The Cutoff Man: Almost the real thing
Spring training games began this past weekend, giving fans a teaser of events come April.
Some games were even broadcast by teams’ local stations, making them feel even more real.
As a Mets fan, it was nice to hear Gary Cohen, Keith Hernandez, and Ron Darling — the best broadcast team in baseball (as agreed upon by ESPN.com) — getting back to narrating games again.
As a baseball fan in general, of course, it was just nice to see nine uniformed players on a diamond and a guy in a different uniform at the plate.
Spring training games are a time for recently injured stars to prove they’ve still got it, for backups to shine, and for Oliver Perez to show he’s not a complete waste of the $12 million remaining on his contract.
Chipper Jones, who had initially planned on retiring at the end of 2010 before a season-ending injury, will use spring training as a gauge of how ready he is for one more go-round.
Carlos Beltran, Jose Reyes, and pretty much the rest of the Mets’ roster will use spring training to prove that they are healthy and rid of their many ailments.
Justin Morneau, who missed most of the Twins’ surge to the playoffs at the end of last season with a concussion, is no doubt eager to show that he’s finally fully recovered and free of any post-concussion symptoms.
Unfortunately, though, proving that you are healthy during the spring doesn’t do anything to prove that you can stay healthy throughout the regular season.
Spring training games are also a time for teams to showcase their rising stars.
For a top prospect like the Braves’ Freddie Freeman, it’s a chance to reward his team’s faith and give them confidence in their decision to make him an everyday Major Leaguer.
For other top prospects, like the Nationals’ Bryce Harper, it’s a chance to beat their teams’ expectations and force their way onto the Opening Day roster.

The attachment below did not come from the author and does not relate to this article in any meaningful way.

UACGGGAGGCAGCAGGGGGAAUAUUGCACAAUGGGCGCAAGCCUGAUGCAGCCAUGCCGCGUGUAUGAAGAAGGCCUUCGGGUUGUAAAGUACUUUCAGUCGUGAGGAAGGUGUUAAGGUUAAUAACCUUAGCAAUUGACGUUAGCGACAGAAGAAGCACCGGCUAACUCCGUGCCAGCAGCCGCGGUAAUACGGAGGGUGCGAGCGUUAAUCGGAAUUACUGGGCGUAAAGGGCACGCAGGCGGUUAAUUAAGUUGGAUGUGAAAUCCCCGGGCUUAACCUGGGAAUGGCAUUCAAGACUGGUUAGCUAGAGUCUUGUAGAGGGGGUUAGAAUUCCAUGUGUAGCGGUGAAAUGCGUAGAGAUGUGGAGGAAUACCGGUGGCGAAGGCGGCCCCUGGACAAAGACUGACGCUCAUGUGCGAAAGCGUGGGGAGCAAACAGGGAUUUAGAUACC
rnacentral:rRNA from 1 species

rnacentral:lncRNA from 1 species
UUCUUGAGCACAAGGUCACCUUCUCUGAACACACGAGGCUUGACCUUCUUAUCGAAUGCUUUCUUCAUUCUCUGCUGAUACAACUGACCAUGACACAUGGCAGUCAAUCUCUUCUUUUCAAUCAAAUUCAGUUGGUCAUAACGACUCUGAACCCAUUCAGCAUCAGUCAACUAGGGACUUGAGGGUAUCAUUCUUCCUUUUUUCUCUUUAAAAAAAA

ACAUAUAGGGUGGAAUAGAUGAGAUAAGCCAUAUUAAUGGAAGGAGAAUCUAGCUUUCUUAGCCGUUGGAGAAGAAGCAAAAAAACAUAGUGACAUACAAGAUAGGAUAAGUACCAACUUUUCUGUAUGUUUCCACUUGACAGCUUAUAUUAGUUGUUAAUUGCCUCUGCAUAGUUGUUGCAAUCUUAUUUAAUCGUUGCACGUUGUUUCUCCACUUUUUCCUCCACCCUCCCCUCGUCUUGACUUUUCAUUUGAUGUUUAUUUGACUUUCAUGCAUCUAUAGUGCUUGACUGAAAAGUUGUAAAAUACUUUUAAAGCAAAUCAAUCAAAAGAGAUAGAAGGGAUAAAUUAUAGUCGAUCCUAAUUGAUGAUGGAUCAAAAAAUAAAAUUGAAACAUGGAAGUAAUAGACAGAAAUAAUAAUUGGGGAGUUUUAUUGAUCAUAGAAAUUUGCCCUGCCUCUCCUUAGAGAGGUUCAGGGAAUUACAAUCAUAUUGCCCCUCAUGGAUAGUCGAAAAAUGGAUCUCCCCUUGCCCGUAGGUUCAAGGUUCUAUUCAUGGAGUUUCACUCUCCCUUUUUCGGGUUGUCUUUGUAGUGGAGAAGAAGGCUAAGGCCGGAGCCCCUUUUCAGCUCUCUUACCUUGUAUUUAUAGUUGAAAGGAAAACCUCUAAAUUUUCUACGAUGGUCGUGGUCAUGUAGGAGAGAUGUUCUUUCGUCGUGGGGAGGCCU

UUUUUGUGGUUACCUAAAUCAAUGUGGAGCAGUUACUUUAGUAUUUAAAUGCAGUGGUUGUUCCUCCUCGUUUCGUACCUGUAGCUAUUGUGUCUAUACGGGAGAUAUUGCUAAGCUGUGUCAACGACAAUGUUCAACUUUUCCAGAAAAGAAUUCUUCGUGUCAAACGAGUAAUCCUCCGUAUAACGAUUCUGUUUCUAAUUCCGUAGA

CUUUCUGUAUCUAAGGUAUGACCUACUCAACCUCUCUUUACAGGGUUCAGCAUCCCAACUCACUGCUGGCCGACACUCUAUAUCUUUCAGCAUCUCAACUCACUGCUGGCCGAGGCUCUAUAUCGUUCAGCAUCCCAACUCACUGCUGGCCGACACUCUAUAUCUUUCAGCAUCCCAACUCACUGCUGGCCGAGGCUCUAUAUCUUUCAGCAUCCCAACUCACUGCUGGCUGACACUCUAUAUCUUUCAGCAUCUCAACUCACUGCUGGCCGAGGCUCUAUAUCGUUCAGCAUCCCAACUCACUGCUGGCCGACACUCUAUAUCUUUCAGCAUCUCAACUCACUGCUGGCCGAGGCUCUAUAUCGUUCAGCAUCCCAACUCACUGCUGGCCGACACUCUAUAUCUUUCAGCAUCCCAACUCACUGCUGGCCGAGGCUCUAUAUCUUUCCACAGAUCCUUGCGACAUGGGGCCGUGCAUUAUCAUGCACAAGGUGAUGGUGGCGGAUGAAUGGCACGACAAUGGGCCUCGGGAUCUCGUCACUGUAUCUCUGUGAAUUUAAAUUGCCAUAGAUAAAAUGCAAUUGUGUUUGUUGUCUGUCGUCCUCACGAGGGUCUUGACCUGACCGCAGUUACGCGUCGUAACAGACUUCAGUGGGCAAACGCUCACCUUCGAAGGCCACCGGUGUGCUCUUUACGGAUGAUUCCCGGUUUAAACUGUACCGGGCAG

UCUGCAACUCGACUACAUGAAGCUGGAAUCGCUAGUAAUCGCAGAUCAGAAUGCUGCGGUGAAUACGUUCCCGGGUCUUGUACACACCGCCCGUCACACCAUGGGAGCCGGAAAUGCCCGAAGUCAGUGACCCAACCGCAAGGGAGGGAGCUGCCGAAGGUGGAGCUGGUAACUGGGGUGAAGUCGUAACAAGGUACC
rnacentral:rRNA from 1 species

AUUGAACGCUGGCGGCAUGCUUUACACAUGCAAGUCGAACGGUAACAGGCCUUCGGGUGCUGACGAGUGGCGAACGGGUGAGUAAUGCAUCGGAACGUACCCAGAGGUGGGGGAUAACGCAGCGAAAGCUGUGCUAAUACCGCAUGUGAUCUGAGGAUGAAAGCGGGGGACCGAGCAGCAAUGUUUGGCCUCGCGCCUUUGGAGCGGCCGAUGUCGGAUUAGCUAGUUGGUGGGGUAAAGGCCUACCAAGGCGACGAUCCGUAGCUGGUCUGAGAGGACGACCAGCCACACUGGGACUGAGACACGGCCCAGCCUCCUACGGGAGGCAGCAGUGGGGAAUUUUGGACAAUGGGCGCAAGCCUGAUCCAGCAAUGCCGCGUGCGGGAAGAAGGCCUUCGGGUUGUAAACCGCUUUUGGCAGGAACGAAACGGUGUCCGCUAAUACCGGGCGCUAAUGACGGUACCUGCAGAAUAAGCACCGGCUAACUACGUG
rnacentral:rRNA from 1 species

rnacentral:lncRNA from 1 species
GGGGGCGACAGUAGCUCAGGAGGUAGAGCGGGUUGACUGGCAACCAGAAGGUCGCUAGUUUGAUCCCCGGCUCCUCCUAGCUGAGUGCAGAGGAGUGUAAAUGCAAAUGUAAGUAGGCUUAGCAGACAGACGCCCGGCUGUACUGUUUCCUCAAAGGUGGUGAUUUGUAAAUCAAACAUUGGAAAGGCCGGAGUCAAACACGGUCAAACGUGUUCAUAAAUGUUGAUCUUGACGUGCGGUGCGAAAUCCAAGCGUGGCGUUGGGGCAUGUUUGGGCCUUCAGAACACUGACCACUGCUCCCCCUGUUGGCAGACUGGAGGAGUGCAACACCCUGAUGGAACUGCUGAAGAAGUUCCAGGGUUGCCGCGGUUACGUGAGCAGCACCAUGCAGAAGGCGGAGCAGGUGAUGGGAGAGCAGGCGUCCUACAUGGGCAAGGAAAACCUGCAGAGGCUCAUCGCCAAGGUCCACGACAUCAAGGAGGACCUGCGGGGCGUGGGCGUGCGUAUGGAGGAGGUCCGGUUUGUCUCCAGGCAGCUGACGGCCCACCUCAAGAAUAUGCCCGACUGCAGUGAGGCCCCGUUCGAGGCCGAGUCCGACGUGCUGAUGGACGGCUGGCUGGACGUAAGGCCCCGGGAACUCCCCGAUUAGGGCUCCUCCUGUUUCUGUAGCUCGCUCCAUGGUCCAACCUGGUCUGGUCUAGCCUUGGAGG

For the fans, it’s a chance to see all that develop right before their eyes.
That said, much of the excitement of spring training games stems solely from the fact that they are indeed baseball games — Major League games being played between Major League teams by Major League (and Minor League) players.
For the true baseball fans, spring training games are like the Star Wars prequels.
They are, for the most part, entertaining, they showcase what happens before the things we really care about happen, and they are hyped up to be far more awesome and important than they end up being.
Sorry, journalists, no spring training game will ever have a playoff atmosphere, even if it’s Red Sox-Yankees after the 2004 playoffs.
Unfortunately, though, reports indicate that upon finding out that he’d lost Adam Wainwright to surgery, Tony La Russa did not continue the prequel analogy by screaming, “Noooo!”
As a Mets fan, I’ll be watching these spring spectacles, scouring for positives and excitement and eagerly awaiting Opening Day.
When I can begin watching A New Hope, The Mets Strike Back, and Return of the Collapse. Oops, I mean, Playoffs.